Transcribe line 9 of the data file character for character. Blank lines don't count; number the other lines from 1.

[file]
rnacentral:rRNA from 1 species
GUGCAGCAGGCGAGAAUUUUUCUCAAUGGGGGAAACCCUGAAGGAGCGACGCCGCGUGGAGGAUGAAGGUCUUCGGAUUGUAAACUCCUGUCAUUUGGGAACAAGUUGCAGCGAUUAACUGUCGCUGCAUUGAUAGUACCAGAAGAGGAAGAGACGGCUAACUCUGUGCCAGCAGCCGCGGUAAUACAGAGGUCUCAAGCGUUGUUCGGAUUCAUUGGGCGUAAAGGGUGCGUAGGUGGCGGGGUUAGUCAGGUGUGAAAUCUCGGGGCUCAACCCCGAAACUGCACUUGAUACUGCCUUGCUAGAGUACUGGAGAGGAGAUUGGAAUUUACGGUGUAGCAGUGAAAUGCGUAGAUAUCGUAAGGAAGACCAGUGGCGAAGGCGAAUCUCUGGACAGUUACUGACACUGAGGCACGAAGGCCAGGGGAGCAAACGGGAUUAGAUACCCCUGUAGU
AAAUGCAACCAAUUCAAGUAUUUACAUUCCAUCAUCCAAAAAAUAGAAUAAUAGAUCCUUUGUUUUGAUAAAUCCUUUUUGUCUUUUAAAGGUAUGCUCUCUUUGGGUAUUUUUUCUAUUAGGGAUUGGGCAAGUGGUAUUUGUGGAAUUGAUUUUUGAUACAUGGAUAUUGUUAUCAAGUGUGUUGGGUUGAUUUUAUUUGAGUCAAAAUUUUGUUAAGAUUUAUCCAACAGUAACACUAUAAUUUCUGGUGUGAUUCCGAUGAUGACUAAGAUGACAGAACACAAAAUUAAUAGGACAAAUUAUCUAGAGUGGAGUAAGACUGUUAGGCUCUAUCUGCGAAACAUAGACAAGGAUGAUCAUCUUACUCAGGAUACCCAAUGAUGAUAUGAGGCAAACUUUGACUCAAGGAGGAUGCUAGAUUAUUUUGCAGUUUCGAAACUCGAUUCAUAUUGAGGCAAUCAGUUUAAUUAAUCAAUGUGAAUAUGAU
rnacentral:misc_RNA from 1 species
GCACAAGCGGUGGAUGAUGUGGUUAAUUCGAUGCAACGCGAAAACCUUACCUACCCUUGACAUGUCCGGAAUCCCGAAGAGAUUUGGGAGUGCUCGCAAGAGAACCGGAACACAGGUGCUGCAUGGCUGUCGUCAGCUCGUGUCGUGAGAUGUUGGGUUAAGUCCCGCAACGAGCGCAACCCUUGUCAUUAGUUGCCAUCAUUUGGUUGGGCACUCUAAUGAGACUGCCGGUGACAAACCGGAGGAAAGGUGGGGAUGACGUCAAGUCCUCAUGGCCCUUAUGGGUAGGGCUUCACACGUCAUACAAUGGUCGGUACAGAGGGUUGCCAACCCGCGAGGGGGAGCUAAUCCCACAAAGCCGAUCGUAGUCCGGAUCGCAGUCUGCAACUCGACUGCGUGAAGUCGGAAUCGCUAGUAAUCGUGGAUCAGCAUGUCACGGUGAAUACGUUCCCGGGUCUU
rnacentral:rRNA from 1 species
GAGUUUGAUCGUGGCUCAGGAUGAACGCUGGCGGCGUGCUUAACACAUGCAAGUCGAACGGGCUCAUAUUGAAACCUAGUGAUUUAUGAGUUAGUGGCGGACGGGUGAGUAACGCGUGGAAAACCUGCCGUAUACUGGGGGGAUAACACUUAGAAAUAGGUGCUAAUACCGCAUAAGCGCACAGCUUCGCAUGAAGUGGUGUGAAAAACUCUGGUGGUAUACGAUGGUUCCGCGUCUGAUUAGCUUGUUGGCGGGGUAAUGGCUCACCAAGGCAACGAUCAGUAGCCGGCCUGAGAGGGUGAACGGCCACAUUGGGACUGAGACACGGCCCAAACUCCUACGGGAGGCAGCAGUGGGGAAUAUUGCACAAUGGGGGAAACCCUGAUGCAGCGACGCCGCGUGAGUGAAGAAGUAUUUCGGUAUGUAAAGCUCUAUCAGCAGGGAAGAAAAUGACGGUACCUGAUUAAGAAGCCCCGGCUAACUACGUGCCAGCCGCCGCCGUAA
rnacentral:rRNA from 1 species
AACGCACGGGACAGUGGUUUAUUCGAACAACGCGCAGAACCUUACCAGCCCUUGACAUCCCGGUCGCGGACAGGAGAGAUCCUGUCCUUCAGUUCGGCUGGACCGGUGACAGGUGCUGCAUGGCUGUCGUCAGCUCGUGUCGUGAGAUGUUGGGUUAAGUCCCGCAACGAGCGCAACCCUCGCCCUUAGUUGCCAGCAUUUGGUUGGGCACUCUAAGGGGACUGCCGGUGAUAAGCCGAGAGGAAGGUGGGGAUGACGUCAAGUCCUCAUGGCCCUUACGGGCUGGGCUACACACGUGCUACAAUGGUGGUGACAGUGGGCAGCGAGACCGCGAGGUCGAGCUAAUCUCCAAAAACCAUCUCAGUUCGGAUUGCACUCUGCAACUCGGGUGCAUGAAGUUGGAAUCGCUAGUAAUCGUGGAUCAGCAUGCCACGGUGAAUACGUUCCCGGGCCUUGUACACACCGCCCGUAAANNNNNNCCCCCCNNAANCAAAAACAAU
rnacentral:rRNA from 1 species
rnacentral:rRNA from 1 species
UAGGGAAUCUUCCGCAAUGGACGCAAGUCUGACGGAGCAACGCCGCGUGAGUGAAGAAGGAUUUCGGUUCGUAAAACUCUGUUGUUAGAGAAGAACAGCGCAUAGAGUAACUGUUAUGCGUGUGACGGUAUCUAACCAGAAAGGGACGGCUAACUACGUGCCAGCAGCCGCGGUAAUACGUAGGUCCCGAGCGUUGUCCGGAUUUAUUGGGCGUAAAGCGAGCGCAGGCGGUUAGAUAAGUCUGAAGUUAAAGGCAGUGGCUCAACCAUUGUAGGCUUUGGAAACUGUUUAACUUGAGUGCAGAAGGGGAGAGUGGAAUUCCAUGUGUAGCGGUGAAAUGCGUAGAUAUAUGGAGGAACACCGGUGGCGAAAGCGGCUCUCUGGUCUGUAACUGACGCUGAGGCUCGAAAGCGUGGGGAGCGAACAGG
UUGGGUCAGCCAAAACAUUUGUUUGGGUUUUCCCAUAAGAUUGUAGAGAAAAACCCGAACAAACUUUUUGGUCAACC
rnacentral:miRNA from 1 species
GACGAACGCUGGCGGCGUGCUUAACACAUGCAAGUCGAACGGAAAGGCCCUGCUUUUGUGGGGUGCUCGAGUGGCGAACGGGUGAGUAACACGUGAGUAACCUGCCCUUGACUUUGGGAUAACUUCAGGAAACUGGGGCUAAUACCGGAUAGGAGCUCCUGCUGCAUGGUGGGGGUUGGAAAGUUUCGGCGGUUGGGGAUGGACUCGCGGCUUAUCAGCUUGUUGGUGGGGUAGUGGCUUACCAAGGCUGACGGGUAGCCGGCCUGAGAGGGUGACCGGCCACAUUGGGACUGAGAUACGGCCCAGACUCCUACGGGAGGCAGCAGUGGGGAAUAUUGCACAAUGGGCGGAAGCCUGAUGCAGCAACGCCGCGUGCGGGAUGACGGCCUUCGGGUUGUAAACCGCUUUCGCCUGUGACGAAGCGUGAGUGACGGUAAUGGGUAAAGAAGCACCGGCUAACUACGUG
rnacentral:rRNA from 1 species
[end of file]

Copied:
AACGCACGGGACAGUGGUUUAUUCGAACAACGCGCAGAACCUUACCAGCCCUUGACAUCCCGGUCGCGGACAGGAGAGAUCCUGUCCUUCAGUUCGGCUGGACCGGUGACAGGUGCUGCAUGGCUGUCGUCAGCUCGUGUCGUGAGAUGUUGGGUUAAGUCCCGCAACGAGCGCAACCCUCGCCCUUAGUUGCCAGCAUUUGGUUGGGCACUCUAAGGGGACUGCCGGUGAUAAGCCGAGAGGAAGGUGGGGAUGACGUCAAGUCCUCAUGGCCCUUACGGGCUGGGCUACACACGUGCUACAAUGGUGGUGACAGUGGGCAGCGAGACCGCGAGGUCGAGCUAAUCUCCAAAAACCAUCUCAGUUCGGAUUGCACUCUGCAACUCGGGUGCAUGAAGUUGGAAUCGCUAGUAAUCGUGGAUCAGCAUGCCACGGUGAAUACGUUCCCGGGCCUUGUACACACCGCCCGUAAANNNNNNCCCCCCNNAANCAAAAACAAU